I love English but I am finding this Homework task tricky and not very inspiring. I prefer to write about people I know because you can really relate to your work. So any ideas on creature and ways to write it?

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If anyone still has this tough teacher ! and they are still asking the same question, try Googling 'Mythical creatures', and see what it comes up with. Select one that interests you - particularly nice or nasty, attractive or revolting !, and then research it as much as possible, again in Google. The trick THEN is to write that good descriptive piece, so how about a) an introduction to the character, b) some of the things it got up to, and c) your opinion of whether it was good or bad, interesting or boring, justifies a place in mythology or not, has a modern-day equivalent in cartoon or amimation characters e.g Disney heroes or villians, the Gruffalo, etc. Should impress the teacher !
paul_st_john_bennett
05 January 2014
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ralph.thompson
10 January 2014
There are lots of mythical creatures to choose from! Have a read through the list on this website and see if you recognise any of them. Try to make a quick decision on which one you are going to write about and then stick to it. With creative writing homework you need to get writing quickly!Create a mind map which covers all aspects of your chosen creature. Think about the senses, for example: How does it look when it moves? How does it smell? What does it sound like? This will help your piece come alive for the reader. When you’ve thought about all of this, try to create a plan. You need to arrange your ideas into a logical order, by creating paragraphs that link together. Once you’ve got this plan you should be able to create a coherent and evocative piece of writing.Hope you've found this useful: if you feel you need more support why not book a lesson with me?
Clare C.
16 January 2015
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How to write broadsheet articles


How do you go about writing a Broadsheet article?

A broadsheet article reports the facts and details of an event, without an author's opinion (as would be the case in a tabloid newspaper). In general, they are unbiased but this is often not the case in real newsprint. The idea is for the reader to form their own opinion based on the given information Before you start writing you need to think who your audience is and who the article is aimed at, use the who, what, where, when, why and how format in your opening then concentrate on the important information in the main section of the article The article should be written in complete sentences, using formal language, and be broken up in to sections to help the reader navigate the article. The article would usually be about something serious and newsworthy, including current affairs, rather than commenting on popular media and celebrities. Don’t forget to add a title, date, and author’s name to the article. The title should also be formal and to the point, avoiding puns or jokey headlines as in tabloids. The first thing when writing a newspaper article is to find some event worth reporting on. A newspaper article, as others have said, reports the facts and details of an event.  As you might expect, there is no rising action, falling action or climax – this is not a story, this is the fact. Begin with the most important, critical points of the article. For example, Yesterday night around 11 pm, a man, George Bluth, 41 was shot in front of Parker Square Mall.  Police responding to the scene of the shooting cordoned off a small area near the doors of the mall, and did not respond to questions. Mr. Bluth was taken to the St. Catherine’s Memorial Hospital, and is currently in stable condition. According to Mrs. Bluth, George was walking home from a night with friends, and the police say that he was attacked by several youths…You should progress through the story, and each paragraph should contain less important facts than the paragraph before. As many others have said, you should use formal language as I have above.  Instead of “I asked the police…”, you should write “police reported that…” and so on.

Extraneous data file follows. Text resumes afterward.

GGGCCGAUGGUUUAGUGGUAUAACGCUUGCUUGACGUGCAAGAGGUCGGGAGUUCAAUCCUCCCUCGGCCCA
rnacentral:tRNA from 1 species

Below is the structure and features of a broadsheet article:

Content

Emphasis on important global/national news, political, economic, social and cultural issues. Covers politics, finance, and current affairs. Often has a sports supplement.

Appearance

Few photographs, A2 size, black/white. Frontpage should be more informative, about public issues. The design emphasizes content through detailed articles in small print, with some emphasis on photographs and restrained use of color.  

Headline

It should be informative, factual, serious language, black/white.  

Article

Formal language, highly researched, factual details, neutral and unbiased, small print. Varied types of sentences. Emphasis on the information.